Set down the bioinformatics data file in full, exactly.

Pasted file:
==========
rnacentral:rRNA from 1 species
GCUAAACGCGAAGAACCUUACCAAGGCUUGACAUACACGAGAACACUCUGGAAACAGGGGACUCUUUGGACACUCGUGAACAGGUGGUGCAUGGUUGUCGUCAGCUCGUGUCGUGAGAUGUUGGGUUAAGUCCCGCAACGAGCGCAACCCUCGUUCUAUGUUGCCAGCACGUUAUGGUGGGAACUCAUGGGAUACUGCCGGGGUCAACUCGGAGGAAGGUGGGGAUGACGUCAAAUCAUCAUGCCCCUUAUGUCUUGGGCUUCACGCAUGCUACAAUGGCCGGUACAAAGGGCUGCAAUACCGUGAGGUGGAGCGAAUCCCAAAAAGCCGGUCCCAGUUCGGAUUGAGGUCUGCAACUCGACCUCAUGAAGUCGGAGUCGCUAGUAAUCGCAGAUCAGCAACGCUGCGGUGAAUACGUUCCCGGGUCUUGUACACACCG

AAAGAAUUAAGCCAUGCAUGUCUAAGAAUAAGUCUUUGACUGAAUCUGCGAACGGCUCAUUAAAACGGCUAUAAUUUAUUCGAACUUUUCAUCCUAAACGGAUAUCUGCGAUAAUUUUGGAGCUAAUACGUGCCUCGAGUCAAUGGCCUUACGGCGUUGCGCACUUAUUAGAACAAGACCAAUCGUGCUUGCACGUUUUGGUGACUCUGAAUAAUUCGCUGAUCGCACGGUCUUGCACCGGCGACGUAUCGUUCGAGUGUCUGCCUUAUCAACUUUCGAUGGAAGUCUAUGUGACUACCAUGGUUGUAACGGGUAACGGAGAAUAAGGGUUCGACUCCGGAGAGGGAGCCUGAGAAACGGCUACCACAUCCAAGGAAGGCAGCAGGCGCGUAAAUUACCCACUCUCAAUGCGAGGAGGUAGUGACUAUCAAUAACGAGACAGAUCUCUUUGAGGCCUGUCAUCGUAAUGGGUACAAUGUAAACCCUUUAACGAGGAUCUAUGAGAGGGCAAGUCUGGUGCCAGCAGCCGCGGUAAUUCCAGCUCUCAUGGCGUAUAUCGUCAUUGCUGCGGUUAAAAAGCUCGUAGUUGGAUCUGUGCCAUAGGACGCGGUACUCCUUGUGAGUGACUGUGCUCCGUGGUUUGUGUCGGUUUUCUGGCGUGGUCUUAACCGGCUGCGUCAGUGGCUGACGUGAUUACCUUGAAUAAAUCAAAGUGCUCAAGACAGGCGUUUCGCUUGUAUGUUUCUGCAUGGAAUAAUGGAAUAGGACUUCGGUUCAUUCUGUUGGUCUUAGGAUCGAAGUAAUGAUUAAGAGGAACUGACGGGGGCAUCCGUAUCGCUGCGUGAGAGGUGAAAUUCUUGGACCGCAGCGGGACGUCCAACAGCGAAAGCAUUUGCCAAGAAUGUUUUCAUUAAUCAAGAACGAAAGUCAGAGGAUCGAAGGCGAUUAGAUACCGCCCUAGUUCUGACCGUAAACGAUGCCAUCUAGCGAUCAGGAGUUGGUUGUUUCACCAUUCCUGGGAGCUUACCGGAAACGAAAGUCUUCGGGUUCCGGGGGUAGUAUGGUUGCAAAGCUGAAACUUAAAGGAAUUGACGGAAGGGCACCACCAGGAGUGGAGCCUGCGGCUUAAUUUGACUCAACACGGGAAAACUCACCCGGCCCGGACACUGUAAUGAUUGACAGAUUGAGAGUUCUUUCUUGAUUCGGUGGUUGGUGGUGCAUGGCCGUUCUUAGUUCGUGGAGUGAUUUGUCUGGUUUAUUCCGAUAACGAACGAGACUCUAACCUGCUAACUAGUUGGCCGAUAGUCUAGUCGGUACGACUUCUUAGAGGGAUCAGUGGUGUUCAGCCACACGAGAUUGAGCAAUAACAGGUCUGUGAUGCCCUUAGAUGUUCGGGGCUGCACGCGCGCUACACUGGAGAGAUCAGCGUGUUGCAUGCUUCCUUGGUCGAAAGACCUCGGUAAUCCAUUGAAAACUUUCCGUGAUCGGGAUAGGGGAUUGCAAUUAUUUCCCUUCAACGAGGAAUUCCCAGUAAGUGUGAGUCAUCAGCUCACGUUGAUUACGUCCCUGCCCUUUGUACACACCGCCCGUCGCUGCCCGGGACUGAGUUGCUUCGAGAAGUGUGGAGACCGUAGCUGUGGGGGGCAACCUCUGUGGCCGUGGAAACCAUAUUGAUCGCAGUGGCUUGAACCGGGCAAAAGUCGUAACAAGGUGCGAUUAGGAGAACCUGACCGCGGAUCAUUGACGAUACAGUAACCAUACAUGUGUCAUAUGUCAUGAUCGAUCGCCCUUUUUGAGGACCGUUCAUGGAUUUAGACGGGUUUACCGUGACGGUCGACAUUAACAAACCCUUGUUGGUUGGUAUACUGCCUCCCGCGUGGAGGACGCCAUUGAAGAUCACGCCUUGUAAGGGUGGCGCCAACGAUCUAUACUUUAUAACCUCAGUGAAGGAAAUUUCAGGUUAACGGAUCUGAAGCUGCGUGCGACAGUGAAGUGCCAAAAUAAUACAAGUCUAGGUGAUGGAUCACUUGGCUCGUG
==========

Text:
rnacentral:rRNA from 1 species
GCUAAACGCGAAGAACCUUACCAAGGCUUGACAUACACGAGAACACUCUGGAAACAGGGGACUCUUUGGACACUCGUGAACAGGUGGUGCAUGGUUGUCGUCAGCUCGUGUCGUGAGAUGUUGGGUUAAGUCCCGCAACGAGCGCAACCCUCGUUCUAUGUUGCCAGCACGUUAUGGUGGGAACUCAUGGGAUACUGCCGGGGUCAACUCGGAGGAAGGUGGGGAUGACGUCAAAUCAUCAUGCCCCUUAUGUCUUGGGCUUCACGCAUGCUACAAUGGCCGGUACAAAGGGCUGCAAUACCGUGAGGUGGAGCGAAUCCCAAAAAGCCGGUCCCAGUUCGGAUUGAGGUCUGCAACUCGACCUCAUGAAGUCGGAGUCGCUAGUAAUCGCAGAUCAGCAACGCUGCGGUGAAUACGUUCCCGGGUCUUGUACACACCG

AAAGAAUUAAGCCAUGCAUGUCUAAGAAUAAGUCUUUGACUGAAUCUGCGAACGGCUCAUUAAAACGGCUAUAAUUUAUUCGAACUUUUCAUCCUAAACGGAUAUCUGCGAUAAUUUUGGAGCUAAUACGUGCCUCGAGUCAAUGGCCUUACGGCGUUGCGCACUUAUUAGAACAAGACCAAUCGUGCUUGCACGUUUUGGUGACUCUGAAUAAUUCGCUGAUCGCACGGUCUUGCACCGGCGACGUAUCGUUCGAGUGUCUGCCUUAUCAACUUUCGAUGGAAGUCUAUGUGACUACCAUGGUUGUAACGGGUAACGGAGAAUAAGGGUUCGACUCCGGAGAGGGAGCCUGAGAAACGGCUACCACAUCCAAGGAAGGCAGCAGGCGCGUAAAUUACCCACUCUCAAUGCGAGGAGGUAGUGACUAUCAAUAACGAGACAGAUCUCUUUGAGGCCUGUCAUCGUAAUGGGUACAAUGUAAACCCUUUAACGAGGAUCUAUGAGAGGGCAAGUCUGGUGCCAGCAGCCGCGGUAAUUCCAGCUCUCAUGGCGUAUAUCGUCAUUGCUGCGGUUAAAAAGCUCGUAGUUGGAUCUGUGCCAUAGGACGCGGUACUCCUUGUGAGUGACUGUGCUCCGUGGUUUGUGUCGGUUUUCUGGCGUGGUCUUAACCGGCUGCGUCAGUGGCUGACGUGAUUACCUUGAAUAAAUCAAAGUGCUCAAGACAGGCGUUUCGCUUGUAUGUUUCUGCAUGGAAUAAUGGAAUAGGACUUCGGUUCAUUCUGUUGGUCUUAGGAUCGAAGUAAUGAUUAAGAGGAACUGACGGGGGCAUCCGUAUCGCUGCGUGAGAGGUGAAAUUCUUGGACCGCAGCGGGACGUCCAACAGCGAAAGCAUUUGCCAAGAAUGUUUUCAUUAAUCAAGAACGAAAGUCAGAGGAUCGAAGGCGAUUAGAUACCGCCCUAGUUCUGACCGUAAACGAUGCCAUCUAGCGAUCAGGAGUUGGUUGUUUCACCAUUCCUGGGAGCUUACCGGAAACGAAAGUCUUCGGGUUCCGGGGGUAGUAUGGUUGCAAAGCUGAAACUUAAAGGAAUUGACGGAAGGGCACCACCAGGAGUGGAGCCUGCGGCUUAAUUUGACUCAACACGGGAAAACUCACCCGGCCCGGACACUGUAAUGAUUGACAGAUUGAGAGUUCUUUCUUGAUUCGGUGGUUGGUGGUGCAUGGCCGUUCUUAGUUCGUGGAGUGAUUUGUCUGGUUUAUUCCGAUAACGAACGAGACUCUAACCUGCUAACUAGUUGGCCGAUAGUCUAGUCGGUACGACUUCUUAGAGGGAUCAGUGGUGUUCAGCCACACGAGAUUGAGCAAUAACAGGUCUGUGAUGCCCUUAGAUGUUCGGGGCUGCACGCGCGCUACACUGGAGAGAUCAGCGUGUUGCAUGCUUCCUUGGUCGAAAGACCUCGGUAAUCCAUUGAAAACUUUCCGUGAUCGGGAUAGGGGAUUGCAAUUAUUUCCCUUCAACGAGGAAUUCCCAGUAAGUGUGAGUCAUCAGCUCACGUUGAUUACGUCCCUGCCCUUUGUACACACCGCCCGUCGCUGCCCGGGACUGAGUUGCUUCGAGAAGUGUGGAGACCGUAGCUGUGGGGGGCAACCUCUGUGGCCGUGGAAACCAUAUUGAUCGCAGUGGCUUGAACCGGGCAAAAGUCGUAACAAGGUGCGAUUAGGAGAACCUGACCGCGGAUCAUUGACGAUACAGUAACCAUACAUGUGUCAUAUGUCAUGAUCGAUCGCCCUUUUUGAGGACCGUUCAUGGAUUUAGACGGGUUUACCGUGACGGUCGACAUUAACAAACCCUUGUUGGUUGGUAUACUGCCUCCCGCGUGGAGGACGCCAUUGAAGAUCACGCCUUGUAAGGGUGGCGCCAACGAUCUAUACUUUAUAACCUCAGUGAAGGAAAUUUCAGGUUAACGGAUCUGAAGCUGCGUGCGACAGUGAAGUGCCAAAAUAAUACAAGUCUAGGUGAUGGAUCACUUGGCUCGUG